JOURNALIST: Minister, what do you say to the families of Australians who died defending Tarinkot in Afghanistan, now that the Taliban seems to have control of that area? Were their deaths in vain?

JULIE BISHOP: We will be focussing on the issue of Afghanistan because both the United Kingdom and Australia have been committed to security and safety and prosperity and nation building in Afghanistan for many years now. A number of Australians have paid the ultimate price; a number of Australians have been in Afghanistan defending the local people and working with the Government to try to establish order in a very troubled part of the world. We will continue to remain in Afghanistan; we will continue to commit to building a better place for the Afghan people to live and the Australian Defence Force will remain. It will be a subject of considerable discussion today with our United Kingdom counterparts.

JOURNALIST: Minister, can I also ask about Boris Johnson, who has been a very strong advocate of Australians being in London, have there been any discussions on the side about visa issues and whether that has been eased at all?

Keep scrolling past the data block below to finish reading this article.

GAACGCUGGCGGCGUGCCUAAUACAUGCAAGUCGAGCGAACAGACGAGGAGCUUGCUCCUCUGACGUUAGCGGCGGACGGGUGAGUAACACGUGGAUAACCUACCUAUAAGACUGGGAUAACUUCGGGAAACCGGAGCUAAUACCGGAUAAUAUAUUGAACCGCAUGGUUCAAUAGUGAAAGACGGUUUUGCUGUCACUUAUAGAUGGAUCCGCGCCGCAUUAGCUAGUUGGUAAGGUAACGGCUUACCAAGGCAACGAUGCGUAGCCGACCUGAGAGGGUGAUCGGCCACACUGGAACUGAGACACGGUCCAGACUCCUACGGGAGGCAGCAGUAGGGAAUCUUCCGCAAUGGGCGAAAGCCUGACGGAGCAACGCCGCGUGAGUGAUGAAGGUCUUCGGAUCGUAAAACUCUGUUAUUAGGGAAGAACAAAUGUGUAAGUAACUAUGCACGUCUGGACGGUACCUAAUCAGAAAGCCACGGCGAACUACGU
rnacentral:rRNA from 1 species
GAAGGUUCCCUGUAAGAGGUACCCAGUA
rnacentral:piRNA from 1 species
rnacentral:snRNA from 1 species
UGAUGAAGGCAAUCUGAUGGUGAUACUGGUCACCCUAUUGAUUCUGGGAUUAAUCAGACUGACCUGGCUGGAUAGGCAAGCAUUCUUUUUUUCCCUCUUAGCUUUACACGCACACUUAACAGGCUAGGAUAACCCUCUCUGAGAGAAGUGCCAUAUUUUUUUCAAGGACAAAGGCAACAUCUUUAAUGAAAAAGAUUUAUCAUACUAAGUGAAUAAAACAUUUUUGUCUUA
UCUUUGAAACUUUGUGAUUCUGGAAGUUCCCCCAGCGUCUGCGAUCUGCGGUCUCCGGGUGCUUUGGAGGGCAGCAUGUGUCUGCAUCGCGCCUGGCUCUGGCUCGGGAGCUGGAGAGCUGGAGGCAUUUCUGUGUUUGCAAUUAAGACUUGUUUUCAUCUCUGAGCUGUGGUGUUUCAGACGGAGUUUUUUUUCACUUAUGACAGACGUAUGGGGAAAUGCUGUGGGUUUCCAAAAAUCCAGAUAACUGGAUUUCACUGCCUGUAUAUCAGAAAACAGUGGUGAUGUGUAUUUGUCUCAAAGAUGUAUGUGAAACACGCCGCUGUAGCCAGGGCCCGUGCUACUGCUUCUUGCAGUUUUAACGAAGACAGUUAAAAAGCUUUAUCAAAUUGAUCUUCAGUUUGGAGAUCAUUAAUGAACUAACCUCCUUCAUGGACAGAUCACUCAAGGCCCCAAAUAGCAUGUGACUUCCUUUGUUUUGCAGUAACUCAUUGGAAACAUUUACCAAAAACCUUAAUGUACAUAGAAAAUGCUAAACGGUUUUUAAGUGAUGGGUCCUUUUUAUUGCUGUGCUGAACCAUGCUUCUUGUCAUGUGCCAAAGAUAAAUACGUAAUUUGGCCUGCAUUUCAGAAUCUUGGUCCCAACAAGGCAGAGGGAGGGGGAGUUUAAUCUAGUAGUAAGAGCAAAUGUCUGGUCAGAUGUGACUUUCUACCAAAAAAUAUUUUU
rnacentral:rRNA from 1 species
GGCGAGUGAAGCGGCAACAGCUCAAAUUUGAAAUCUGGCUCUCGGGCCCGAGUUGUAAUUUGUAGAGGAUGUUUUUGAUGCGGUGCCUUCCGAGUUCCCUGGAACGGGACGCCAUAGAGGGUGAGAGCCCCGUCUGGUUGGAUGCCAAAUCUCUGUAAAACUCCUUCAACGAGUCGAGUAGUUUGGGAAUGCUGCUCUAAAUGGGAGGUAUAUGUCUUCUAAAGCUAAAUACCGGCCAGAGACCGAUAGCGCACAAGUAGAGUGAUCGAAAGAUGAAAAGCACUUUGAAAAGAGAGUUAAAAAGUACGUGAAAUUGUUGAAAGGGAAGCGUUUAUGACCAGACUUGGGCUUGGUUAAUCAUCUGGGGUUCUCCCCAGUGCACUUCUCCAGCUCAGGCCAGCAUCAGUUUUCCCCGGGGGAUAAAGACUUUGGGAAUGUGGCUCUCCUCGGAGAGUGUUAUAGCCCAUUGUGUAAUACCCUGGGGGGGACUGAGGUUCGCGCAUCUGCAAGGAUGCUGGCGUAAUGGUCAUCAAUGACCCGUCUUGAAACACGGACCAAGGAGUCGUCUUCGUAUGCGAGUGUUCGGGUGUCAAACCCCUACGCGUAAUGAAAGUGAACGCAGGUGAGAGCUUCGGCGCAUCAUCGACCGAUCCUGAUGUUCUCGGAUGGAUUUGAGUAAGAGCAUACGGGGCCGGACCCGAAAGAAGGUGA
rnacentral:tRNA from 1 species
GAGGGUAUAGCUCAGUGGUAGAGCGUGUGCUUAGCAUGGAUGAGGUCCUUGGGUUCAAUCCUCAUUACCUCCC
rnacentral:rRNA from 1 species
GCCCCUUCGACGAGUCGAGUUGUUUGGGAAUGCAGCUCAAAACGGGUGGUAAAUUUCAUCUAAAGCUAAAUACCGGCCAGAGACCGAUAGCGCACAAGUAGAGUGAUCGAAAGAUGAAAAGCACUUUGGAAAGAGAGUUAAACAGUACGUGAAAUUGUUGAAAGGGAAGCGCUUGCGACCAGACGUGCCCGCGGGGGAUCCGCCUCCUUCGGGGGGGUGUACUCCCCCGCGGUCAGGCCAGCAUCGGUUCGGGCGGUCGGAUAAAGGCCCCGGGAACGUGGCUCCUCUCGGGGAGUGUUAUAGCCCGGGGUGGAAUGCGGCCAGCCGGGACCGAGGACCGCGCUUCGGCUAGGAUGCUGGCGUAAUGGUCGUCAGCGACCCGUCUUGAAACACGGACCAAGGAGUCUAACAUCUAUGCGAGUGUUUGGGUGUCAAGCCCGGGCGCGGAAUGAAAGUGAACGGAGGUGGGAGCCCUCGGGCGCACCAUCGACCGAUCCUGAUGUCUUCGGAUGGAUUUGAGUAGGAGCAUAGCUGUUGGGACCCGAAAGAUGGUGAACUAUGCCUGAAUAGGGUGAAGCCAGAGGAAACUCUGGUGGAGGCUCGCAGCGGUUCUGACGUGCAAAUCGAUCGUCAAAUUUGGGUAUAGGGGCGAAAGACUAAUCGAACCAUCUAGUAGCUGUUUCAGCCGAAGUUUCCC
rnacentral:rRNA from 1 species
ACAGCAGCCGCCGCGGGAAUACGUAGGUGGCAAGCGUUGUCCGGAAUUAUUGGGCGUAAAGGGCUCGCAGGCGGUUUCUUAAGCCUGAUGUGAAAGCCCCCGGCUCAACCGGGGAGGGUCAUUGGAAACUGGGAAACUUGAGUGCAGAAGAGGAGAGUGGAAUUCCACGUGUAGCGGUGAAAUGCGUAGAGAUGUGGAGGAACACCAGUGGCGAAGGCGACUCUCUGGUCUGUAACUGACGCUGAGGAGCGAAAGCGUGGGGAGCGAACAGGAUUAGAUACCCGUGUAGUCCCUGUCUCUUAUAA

JULIE BISHOP: I have also had the opportunity to have a long meeting with Home Secretary Amber Rudd; she is responsible for visas. We had a very positive and constructive discussion about the opportunity to see more young Australians living and working in London and, likewise, young Brits coming to Australia under various visas. There is a very positive discussion about it. Last evening Boris Johnson related stories about his time as a young man in Australia and he hoped that those opportunities for young Australians and young Britons would continue. I feel sure that our High Commissioner will continue to have very constructive discussions with Britain about visas and about the opportunities for young Australians to continue to visit and live and work here.

JOURNALIST: You also spoke about opportunities that Brexit might pose or present for Australia. Can you elaborate on what those opportunities might be?